The Dead Boys, by Royce Buckingham

The Dead Boys, by Royce Buckingham (Putnam, 2010, middle grade, 208 pages)

Teddy is less than thrilled about moving to a small town in the desert of eastern Washington, where his mother has gotten a job as a nuclear scientist. There's a month before school starts, the heat is horrible, and Teddy is being forced by his mother to leave the air-conditioned comfort of home (such as it is) to Make Friends.

The massive sycamore tree across the street, however, is more than a little pleased to have a new boy in town. And neighborhood dead boys are eager to make a new friend too.

Because this isn't any tree--it's a monster created by radioactive waste, that feeds on the life force of its victims--12 year old boys. Boys just like Teddy. The tree takes just enough to feed itself, while keeping the boys trapped in a hideous half-life. But every decade, it craves new, fresh, young blood. Like Teddy's.

This is one of the most riveting books I've read all year. Teddy's encounters with the dead boys, and the unravelling of the mysteries surrounding them, makes for great, horror-full, reading (without being so nightmarish as to bother my tender sensibilities). Buckingham's gradual build up to the final confrontation is deft and unrelenting, and the sufferings endured by the other boys are chilling. But there's more than just horror here- Teddy is a very appealing hero, who makes choices based on friendship and loyalty.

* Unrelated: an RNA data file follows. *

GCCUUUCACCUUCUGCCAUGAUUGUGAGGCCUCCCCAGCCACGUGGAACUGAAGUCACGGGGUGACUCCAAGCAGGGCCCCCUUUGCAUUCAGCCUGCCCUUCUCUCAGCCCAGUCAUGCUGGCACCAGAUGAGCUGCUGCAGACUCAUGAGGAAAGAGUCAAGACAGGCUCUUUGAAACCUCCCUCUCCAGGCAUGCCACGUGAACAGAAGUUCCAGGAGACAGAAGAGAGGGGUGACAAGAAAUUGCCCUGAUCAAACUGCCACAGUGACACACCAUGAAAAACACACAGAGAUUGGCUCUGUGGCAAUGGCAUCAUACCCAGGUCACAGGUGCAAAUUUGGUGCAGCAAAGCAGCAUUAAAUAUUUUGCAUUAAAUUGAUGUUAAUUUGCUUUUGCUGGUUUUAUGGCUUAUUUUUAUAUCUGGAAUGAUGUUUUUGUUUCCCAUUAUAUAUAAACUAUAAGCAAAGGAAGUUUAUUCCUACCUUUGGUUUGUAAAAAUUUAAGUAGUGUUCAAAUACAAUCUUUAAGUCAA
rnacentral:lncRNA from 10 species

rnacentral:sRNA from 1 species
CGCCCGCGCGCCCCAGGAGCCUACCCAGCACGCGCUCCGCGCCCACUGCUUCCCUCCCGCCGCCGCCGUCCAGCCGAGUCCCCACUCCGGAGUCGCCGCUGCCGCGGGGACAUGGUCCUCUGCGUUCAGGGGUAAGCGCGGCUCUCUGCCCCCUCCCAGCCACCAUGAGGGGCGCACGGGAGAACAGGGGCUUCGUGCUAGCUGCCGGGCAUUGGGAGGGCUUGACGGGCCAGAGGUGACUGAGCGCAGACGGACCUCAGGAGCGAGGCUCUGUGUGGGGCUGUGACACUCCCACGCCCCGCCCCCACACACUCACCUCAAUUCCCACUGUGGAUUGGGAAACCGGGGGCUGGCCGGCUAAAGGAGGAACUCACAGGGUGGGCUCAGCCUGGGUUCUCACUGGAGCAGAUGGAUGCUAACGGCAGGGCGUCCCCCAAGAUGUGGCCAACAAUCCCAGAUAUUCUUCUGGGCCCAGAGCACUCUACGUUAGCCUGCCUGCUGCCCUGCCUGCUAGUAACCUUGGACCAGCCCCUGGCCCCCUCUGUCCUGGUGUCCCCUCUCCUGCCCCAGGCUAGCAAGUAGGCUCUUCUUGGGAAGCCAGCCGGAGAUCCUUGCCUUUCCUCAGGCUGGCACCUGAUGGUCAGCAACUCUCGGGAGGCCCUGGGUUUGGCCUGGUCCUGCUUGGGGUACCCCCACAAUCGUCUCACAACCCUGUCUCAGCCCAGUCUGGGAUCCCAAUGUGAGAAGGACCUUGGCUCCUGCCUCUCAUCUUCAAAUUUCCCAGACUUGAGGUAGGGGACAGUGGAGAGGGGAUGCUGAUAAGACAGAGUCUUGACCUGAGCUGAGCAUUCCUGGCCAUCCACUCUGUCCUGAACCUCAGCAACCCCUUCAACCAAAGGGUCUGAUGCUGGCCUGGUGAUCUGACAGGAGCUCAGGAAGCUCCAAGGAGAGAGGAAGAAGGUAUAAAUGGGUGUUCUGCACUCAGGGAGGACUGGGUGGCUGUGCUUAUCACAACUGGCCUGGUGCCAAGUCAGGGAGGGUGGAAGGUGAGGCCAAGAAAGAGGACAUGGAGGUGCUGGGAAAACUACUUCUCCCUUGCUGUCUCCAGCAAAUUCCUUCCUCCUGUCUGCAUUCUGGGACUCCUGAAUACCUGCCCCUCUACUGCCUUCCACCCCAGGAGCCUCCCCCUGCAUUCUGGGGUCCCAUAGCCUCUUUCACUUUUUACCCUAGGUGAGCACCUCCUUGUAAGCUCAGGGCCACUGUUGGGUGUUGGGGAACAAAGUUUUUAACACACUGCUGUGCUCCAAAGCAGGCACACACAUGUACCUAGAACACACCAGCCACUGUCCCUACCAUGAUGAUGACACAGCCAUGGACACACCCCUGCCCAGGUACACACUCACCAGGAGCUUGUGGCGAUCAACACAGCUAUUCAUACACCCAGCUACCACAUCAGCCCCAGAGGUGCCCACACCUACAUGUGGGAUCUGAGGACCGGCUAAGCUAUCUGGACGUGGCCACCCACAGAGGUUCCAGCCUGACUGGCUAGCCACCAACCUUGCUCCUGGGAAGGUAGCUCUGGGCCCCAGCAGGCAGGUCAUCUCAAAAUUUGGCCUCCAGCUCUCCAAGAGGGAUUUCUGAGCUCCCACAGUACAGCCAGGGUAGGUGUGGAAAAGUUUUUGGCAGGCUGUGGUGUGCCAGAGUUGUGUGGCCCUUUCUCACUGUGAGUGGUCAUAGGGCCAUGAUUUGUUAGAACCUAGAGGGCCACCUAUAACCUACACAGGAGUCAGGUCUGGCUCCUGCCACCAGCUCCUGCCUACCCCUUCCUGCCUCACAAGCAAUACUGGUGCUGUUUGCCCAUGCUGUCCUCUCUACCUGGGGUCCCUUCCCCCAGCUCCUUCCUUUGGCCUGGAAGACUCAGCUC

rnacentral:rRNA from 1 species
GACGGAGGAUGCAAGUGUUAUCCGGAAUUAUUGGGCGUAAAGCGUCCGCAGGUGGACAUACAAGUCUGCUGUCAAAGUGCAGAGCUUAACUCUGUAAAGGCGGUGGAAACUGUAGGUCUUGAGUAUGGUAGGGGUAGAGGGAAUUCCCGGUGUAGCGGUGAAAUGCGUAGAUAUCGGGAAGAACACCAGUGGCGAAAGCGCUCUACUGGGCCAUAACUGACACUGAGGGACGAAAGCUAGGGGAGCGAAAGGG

Yeah, you have to suspend your disbelief tree-wise, but if you can accept an Evil, Blood-Sucking Tree of Death, you'll enjoy this one lots! In short, The Dead Boys is a book I want to hand to every (strong-minded) middle grade boy I know, because I bet it will grip them just as much, if not more, than it did me!

Here's how my reading went. Started book at 3 pm. Read straight through. Finished at 3:40, feeling very satisfied with both book and self. Despite fast reading, pictures from the book are crystal clear in my mind, but fascinating, rather than troubling. Mainly because the Tree is so over the top (but in a way that Works!).

(Is a radioactive evil tree, a bit of time travel, and some half-dead characters sci fi or fantasy? I dunno, so I've put both labels on it).

Here's a great interview with Buckingham at Through the Tollbooth, where he talks about writing scary books for boys.


  1. Wow, that sounds really good. Something 12 year old boys (and I) would like...I'm a gore girl!


  2. What a title! Well, I think my niece would love this so I'm gonna find her a copy now.


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